Science Commons and Pasteur's Quadrant

I’m in Washington (in my favourite guest house in the US, Woodley Park Guest House (near the Zoo). It’s small and we all have breakfast together which gives a great atmosphere – so much better than the amorphous chain hotels. The only problem is it’s often full…)
I’m here for a meeting Creating a Vision for Making Scientific Data Accessible Across Disciplines run by Science Commons

a project of the non-profit Creative Commons, is the sponsor and organizer of the Commons of Science Conference. Our goal is to promote innovation in science by lowering the legal and technical costs of the sharing and reuse of scientific work. We remove unnecessary obstacles to scientific collaboration by creating voluntary legal regimes for research and development.

which I expect to be very exciting and useful.

“The Conference is an invitation-only gathering of scientists, policy makers, and commons advocates who are actively interested in designing ways to make access to scientific data more widely available and more transparent across all scientific disciplines. Anyone is welcome to read the Background information, Vision Papers, or browse the list of Conference participants.”

I have been reading the papers on the plane and I am impressed with the clarity and common views that are set out there. For example

Robert Cook-Deegan and Tom Dedeurwaerdere. 2006. The Science Commons in Life Science: Research: Structure, Function, and Value of Access to Genetic Diversity.

sets out clearly the battle for the public ownership of genomes, while

Paul A. David. 2004. Towards a Cyberinfrastructure for Enhanced Scientific Collaboration: Providing Its ‘Soft’ Foundations May Be the Hardest Part
argues that although we have made considerable technical progress on cyberinfrstructure / eScience we risk losing the value unless we can solve the social problems of collaboration such as IPR, liability and contractual working.

Several author’s mention Soke’s book “Pasteur’s Quadrant” (here is the blurb). I hadn’t come across this and it’s worth understanding it to start with. In simple terms Stokes argues that there are two axes to research, “pure” and “applied”. Bohr epitomises “pure”, Edison “applied” and Pasteur is both. (The “neither” quadrant ought to be uninhabitated…) Again several papers contrast the vision of Vannevar Bush’s view of the value of pure research and the incresing current move into Pasteur’s quadrant.

Read the papers yourself – it’s essential if you are interested in the balance between privatised information and public commons. They note that it was Merck, not the universities who kept the genome in the public commons – the universities would have supported the “tragedy of the anti-commons” – the piecemeal pivate ownership of myriads of small parcels of intellectual property.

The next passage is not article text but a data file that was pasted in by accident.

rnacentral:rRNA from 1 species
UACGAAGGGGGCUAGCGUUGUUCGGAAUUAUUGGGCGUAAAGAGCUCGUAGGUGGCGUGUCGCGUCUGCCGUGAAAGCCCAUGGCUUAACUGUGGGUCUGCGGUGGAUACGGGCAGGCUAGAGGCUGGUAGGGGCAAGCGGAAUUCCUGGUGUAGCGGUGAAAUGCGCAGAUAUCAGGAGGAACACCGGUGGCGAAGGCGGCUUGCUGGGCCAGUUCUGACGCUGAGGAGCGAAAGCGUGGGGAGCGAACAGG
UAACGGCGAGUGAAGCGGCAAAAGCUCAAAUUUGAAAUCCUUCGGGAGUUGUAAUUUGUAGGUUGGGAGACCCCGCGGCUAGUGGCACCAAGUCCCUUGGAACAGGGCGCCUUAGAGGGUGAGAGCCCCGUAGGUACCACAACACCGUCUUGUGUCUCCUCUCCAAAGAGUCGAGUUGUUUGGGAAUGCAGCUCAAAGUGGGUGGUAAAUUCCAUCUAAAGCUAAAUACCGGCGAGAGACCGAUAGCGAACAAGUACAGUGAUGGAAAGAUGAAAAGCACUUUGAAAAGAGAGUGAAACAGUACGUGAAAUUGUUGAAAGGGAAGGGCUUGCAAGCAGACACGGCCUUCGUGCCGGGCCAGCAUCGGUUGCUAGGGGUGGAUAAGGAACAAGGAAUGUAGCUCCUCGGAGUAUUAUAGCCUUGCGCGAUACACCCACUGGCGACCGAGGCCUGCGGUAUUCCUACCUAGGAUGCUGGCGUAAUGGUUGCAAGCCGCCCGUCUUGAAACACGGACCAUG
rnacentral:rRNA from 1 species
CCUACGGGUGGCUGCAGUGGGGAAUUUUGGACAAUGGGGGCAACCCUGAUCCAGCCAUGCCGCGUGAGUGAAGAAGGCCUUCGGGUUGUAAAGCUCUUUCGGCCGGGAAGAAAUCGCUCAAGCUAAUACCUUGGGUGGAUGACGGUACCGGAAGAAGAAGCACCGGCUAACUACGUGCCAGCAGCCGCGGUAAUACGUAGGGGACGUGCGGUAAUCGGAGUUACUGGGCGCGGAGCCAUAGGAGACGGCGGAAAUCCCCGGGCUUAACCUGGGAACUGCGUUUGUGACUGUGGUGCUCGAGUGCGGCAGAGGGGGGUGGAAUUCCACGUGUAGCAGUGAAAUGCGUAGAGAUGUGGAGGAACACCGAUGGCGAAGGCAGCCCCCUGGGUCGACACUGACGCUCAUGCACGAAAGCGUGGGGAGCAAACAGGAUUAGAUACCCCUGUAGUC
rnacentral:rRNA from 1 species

Unfortunately for me most of this debate is centered on biosciences and geosciences. I don’t find many chemists who are concerned about their commons – witness the near-global chemical silence over PubChem.
However I think things are starting to change in the pharmaceutical industry. Some of the people in them realise that ownership and secrecy of information is not necessarily working. For example in Egon Willighagen’s blog he reviews “Can open-source R&D reinvigorate drug research” (doi:10.1038/nrd2131 closed access so you have to find it yourself) by Bernard Munos. This reviews the Open Source and Public-private efforts sponsored by the pharmaceutical industry. It ends:

Other tools such as eMolecules, Jmol or the Chemistry Development Kit are adding powerful chemical search and visualization capabilities to the open-source scientist’s toolbox.

Thank you for the publicity! But perhaps you don’t realise that Jmol and CDK are written by unpaid volunteers, with other day activities (such as teaching and PhDs). At present pharma contributes essentially nothing to Open Source chemistry. I can personally list 2000 USD from Merck that we used to add code to Open Babel, but I’m not aware of any other pharma funding for Open Source software or data. Or any political support for the chemical commons (where were you all during PubChem? – I didn’t see a single voice from pharma – but you are all using it now…). Given Merck’s excellent track record on the genome, this looks like an oversight – perhaps this blog will help to bring it to people’s attention 🙂

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